- The leased lines provider was set to discontinue FDDA 4-wire analog lines
- Cross talks and unwanted signals caused by aging lines
- Needed to integrate JPS voters and Motorola receivers
- T1 and Ethernet options were considered
A town in New England needed to upgrade their emergency communications system. Police and fire departments monitor over 8500 people throughout 24 square miles. Within the town there is a busy Interstate which carries extremely heavy volumes of cars and trucks daily to cities in New England and towards Boston, New York, and Maine. Keeping first responders and emergency personnel informed was a top priority.
Critical communications faced disruptions when the town's leased lines provider was set to discontinue FDDA 4-wire analog lines. Alternatively the provider offered T1 or Ethernet services to keep emergency services in operation. The town began their search for an economical solution to carry their network for years to come.
New network choices included T1 or Ethernet services. The town faced disruptions in service if they were unable to find a replacement for their FDDA 4-wire analog lines. Aged and faded analog lines were also present throughout the network. These lines caused unwanted signals and cross talks.
Upon identifying the main issues a trial network was set up with TC Communications. TC offered products for 4-wire Analog conversion: the TC8614 for T1 lines and TC3846-6 for Ethernet.
After consideration the town decided to choose T1 lines. Choosing T1 allowed for a more economical and expedient installation. A TC8614 with 600ohm Analog over T1 was the first product sent for testing. The equipment was able to leverage 4 channels with one unit; just like the FDDA analog lines installed before.
Cross talk was also an issue for the FDDA system. Once TC products were installed voice communications stabilized and disruptions within the network were eliminated. Dry contact is also supported.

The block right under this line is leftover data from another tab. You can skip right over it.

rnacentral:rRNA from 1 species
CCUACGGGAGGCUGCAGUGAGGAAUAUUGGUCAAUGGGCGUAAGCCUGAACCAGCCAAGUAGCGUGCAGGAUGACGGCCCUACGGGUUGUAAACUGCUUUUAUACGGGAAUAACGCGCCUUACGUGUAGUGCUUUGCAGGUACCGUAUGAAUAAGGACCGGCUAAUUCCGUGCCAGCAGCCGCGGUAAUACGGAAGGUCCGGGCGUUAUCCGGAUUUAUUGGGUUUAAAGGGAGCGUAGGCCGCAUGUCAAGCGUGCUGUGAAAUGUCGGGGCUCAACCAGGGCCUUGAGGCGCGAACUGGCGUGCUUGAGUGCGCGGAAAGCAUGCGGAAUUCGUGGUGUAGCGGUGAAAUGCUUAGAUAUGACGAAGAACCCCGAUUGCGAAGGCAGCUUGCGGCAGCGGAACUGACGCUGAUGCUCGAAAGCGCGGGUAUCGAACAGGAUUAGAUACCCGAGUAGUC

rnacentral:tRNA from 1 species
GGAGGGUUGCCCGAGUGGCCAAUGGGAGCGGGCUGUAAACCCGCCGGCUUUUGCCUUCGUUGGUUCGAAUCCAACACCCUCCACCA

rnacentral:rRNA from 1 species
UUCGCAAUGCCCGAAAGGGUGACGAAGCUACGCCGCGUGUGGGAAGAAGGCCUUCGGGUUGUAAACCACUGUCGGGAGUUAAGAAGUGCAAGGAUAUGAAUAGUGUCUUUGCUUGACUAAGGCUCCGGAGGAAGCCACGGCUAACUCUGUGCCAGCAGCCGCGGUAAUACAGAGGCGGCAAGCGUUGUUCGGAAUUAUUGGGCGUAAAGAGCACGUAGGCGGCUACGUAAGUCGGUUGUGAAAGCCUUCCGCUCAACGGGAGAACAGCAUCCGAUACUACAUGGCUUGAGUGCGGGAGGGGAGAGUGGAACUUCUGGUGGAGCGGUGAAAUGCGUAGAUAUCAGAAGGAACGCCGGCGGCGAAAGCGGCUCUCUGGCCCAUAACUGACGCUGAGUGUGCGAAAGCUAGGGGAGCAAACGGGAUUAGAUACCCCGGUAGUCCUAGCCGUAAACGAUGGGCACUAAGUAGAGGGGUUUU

It is often that public safety networks need their new purchase to work with previously installed equipment. The town had both JPS voters and Motorola receivers they were not prepared to retire. TC equipment was able to integrate with what had been put in place years before. Without that ability the town could have faced more costly upgrades and potential downtime as they sought a solution.
Since choosing a new system, the town has been able to keep their network running error free. They also experienced an upgrade in audio quality thanks to TC Communications equipment. During a heavy rain storm one weekend, most of the 4-wire circuits experienced interference and cross talks. It was thought that the newly installed devices may have caused the issue. Upon closer inspection the circuits connected to the TC Communications boxes received no disruptions.
The town was also able to ensure a longer life for their equipment at a lower cost than Ethernet with no downtime. New operating costs were comparable to their previous charges for 4-wire leased lines. Without improvements to their network, emergency services would have faced disruptions within their network. Now, with newly installed equipment and minimal change to the network, they can focus on surveiling the town.